My Living Waters: Dianne Wassenich’s lifelong mission to protect the San Marcos River

Dianne Wassenich, San Marcos River Foundation program director

You’ll find the city of San Marcos – aptly nicknamed San Marvelous – nestled in-between Austin and San Antonio, where life seems to revolve around two things: Texas State University and the San Marcos River. At the heart of it is Dianne Wassenich, program director of the small but effective San Marcos River Foundation and, for all intents and purposes, matriarch of the community built around the effervescent springs of the San Marcos River.

We’re big fans of Dianne here at the Texas Living Waters Project, and we can think of no better way to kick off our series about Texas water heroes and the water features they cherish than a Q&A with Dianne about her work and her connection to the San Marcos River.


Texas Living Waters (TLW): What is your personal connection to the springs and San Marcos River?

Dianne Wassenich (DW): Well, I’ve lived in this area for almost 40 years, and you can’t live in this area without adoring these springs. They’re just the centerpiece of our community.


TLW: What’s special about this place, and why have you felt compelled to protect it?

DW: I grew up on the Gulf Coast, and so it became very apparent to me – decades ago – that freshwater springs like this one are very important to the Gulf Coast. The San Marcos River Foundation board made a decision to try to protect the springs that go all the way to the Gulf Coast. So I’ve been involved in water issues in a big picture way for many decades.


TLW: These springs are a part of an interconnected web that goes down to the coast. Could help us connect this place with the larger picture?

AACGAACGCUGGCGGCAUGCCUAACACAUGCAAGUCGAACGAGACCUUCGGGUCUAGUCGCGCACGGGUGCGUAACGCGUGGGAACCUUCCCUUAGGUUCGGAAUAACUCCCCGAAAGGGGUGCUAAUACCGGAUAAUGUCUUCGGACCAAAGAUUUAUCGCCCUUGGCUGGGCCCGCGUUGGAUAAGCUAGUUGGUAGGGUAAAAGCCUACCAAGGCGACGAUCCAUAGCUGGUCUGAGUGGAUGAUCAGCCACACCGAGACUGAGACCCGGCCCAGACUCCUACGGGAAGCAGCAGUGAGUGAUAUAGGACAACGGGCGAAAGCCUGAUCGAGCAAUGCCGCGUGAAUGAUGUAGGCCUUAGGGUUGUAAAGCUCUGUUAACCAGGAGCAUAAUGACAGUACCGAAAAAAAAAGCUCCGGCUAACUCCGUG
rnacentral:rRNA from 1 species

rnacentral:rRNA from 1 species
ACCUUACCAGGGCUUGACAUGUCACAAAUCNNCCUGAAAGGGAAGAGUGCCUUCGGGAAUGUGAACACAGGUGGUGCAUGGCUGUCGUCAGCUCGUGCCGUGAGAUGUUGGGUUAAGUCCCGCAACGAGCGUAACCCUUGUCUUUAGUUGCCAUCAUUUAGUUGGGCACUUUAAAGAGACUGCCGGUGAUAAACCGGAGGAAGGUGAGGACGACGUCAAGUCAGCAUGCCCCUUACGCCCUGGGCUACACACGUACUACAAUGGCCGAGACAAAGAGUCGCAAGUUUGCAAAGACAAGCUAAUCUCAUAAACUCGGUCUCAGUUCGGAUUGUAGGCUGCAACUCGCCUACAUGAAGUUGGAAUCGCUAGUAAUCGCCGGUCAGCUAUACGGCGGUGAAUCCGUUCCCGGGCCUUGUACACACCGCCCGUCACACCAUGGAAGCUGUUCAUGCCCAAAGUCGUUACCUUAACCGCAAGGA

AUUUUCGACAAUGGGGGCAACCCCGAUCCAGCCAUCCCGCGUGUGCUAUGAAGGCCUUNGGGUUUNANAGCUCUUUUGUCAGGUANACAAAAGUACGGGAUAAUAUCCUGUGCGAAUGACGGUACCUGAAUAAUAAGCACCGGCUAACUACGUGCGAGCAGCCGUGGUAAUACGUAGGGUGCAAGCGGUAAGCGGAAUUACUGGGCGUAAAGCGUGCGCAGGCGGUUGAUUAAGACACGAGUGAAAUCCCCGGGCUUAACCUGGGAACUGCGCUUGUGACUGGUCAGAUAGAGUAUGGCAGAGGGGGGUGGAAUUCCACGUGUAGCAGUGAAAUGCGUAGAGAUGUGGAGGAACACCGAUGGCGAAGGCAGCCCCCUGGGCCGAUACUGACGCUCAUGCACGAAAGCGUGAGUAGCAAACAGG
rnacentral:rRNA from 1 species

DW: These springs spring out of our Hill Country recharge zone where the rainfall falls in the hills, goes underground to the aquifer…. And then the springs burst forth. They then serve communities and people, wildlife, all the way to the Gulf Coast where they’re extremely important for the coastal everything: coastal recreation industry, the wildlife and birds that migrate from all over the world to our Texas coast, to the seafood industry, to industries that need water to produce whatever goods they make. So this river in the Hill Country is directly connected to Texas’ gulf coast.


TLW: San Marcos River Foundation was recently involved in purchasing a land parcel that impacts the springs, and may have been developed otherwise. Can you tell us more about this?

DW: We are managing two ranches right now, leasing for grazing and trying to write grants to help pay off loans for those. My assistant and I direct all the fundraising for our general budget each year as well as for land acquisitions. We just completed our first conservation easement on a 250 acre ranch that drains straight to Spring Lake last month, and will use the celebration party for that project, sometime in May, to invite all the neighboring landowners and see if they also would like to consider a conservation easement.